No Other Boats & No Ice in the Guides

by | Nov 22, 2011 | Uncategorized

It’s a special time of year. I’m not quite tired of the snow. I’m not yet sick of the sun not rising until 8 AM. So far I can even handle darkness at 5 PM. Temps aren’t too cold and because it’s mid November, and I enjoy the fact that trout have normally crowded rivers all to themselves – almost that is. Actually it’s that time of year when trout spend time with me and “gurus” Tom Montgomery and Paul Bruun on the South Fork of the Snake.

It was snowing sideways when I left the house at 9 AM today to meet up with friends Paul and Tom. They left from Jackson, Wyoming towing Paul’s South Fork Skiff. After a slick drive we met at the Husky boat ramp and floated down to the Spring Creek Bridge. Despite snowy roads for each of us we met and launched with ease.

The temperature was a surprisingly warm 40º. Warm enough to row without gloves. By now the falling snow tapered off but the cloud cover was thick. It never got bright and in fact all day long it looked like the last hour of daylight – even at noon. There was a stiff breeze at our start. The wind was blowing straight downstream but after an hour or so on the water that wind stopped and the day was balmy.

Fishing was outstanding. Paul took the oars to begin. I was ready to rock with my three streamer rig (I plan to explain this soon) and three casts into the day I landed a strong 15” rainbow. Tom was up front rigging his rod. I undid my bow and three casts later I landed a 16” brown trout. This was going to be a heck of a day.

The brown trout ate my middle fly. This always takes a little extra care to avoid tangling my long level 0X three fly leader. Once I took all my precautions I tossed my flies overboard and went to cast. I wasn’t quite tight and the point fly of my loosely flying set up caught Paul about a ½ inch from his eyeball. Because it was so dark, Paul wasn’t wearing his sunglasses, however luckily he had on his normal clear prescription glasses. As always, my fly was barbless and although scary for a minute, no harm was done. Cigar time.

From there on out I tightened up my casts. I took a little crap from the “gurus” but went on to continue to tear up the fish. Tom was in the action by now too and immediately caught a lengthy colorful cutthroat.

A lot of snow melted today. After the last storm there was over a foot of snow at valley level but by afternoon the south facing banks of the South Fork were clear of snow. Red squirrels and birds were digging around enjoying a good feed knowing the opportunity to forage on snowless ground won’t last long. We had a few bugs on the water but nothing like the midge hatch last week. Often times, even though you might expect great hatches because it was warm out, the rush of melting snow drops the river water temperature and actually slows down the hatch. Today was definitely the case of that.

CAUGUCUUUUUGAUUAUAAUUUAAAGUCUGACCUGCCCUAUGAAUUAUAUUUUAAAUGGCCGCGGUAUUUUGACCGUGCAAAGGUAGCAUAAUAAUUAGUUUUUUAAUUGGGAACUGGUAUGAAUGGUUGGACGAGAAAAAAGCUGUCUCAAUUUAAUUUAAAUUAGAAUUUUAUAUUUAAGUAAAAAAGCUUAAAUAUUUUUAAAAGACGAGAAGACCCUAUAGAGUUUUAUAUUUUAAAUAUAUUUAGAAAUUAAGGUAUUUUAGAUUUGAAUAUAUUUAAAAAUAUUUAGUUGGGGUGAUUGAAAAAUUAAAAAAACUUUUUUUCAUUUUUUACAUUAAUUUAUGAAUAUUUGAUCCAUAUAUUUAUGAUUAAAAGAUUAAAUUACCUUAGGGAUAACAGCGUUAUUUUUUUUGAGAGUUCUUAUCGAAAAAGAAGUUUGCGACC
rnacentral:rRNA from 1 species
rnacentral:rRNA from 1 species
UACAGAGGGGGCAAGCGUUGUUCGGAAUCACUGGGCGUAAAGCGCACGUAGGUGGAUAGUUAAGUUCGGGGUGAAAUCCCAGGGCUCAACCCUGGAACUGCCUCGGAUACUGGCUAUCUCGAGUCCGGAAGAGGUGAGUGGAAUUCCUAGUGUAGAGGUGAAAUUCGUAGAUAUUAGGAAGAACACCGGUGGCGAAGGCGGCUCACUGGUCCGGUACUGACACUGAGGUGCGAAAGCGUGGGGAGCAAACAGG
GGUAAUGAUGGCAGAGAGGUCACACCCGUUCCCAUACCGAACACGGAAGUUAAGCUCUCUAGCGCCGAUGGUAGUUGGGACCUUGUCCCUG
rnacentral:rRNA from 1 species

Other than a few whitetail deer along the banks the only wildlife we saw were the birds and squirrels. But the trout seemed happy as can be. We experienced one slow period for less than an hour but overall we caught fish throughout the day. Species were an even mix of browns, rainbows and cutthroats. Tom even snuck in a whitefish, not the usual catch on a streamer but this time of year you get about one a day.

We were in no rush to get off the river. It wasn’t exactly a summer night, but the way we were dressed we were just as warm as on a summer night. So warm that we took our time and fished right into the dark. Once we got Paul’s boat loaded on the trailer we took the time to suck down a cold one at the ramp before taking off. During the time we decided we’ll try to do this again on Monday. I’m leaving with a group for the Amazon on Thursday so it all depends on whether I’m packed for the jungle or not. This is the trip I had to reschedule from last March.


Welcome to the Blog of Jeff Currier!

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I started fly fishing at age 7 in the lakes and ponds of New England cutting my teeth on various sunfish, bass, crappie and stocked trout. I went to Northland College in Ashland, Wisconsin, where I graduated with a Naturalist Degree while I discovered new fishing opportunities for pike, muskellunge, walleyes and various salmonids found in Lake Superior and its tributaries.

From there I headed west to work a few years in the Yellowstone region to simply work as much as most people fish and fish as much as most people work. I did just that, only it lasted over 20 years working at the Jack Dennis Fly Shop in Jackson, WY where I departed in 2009. Now it’s time to work for "The Man", working for myself that is.

I pursue my love to paint fish, lecture on every aspect of fly fishing you can imagine and host a few trips to some of the most exotic places you can think of. My ultimate goal is to catch as many species of fish on fly possible from freshwater to saltwater, throughout the world. I presently have taken over 440 species from over 60 countries!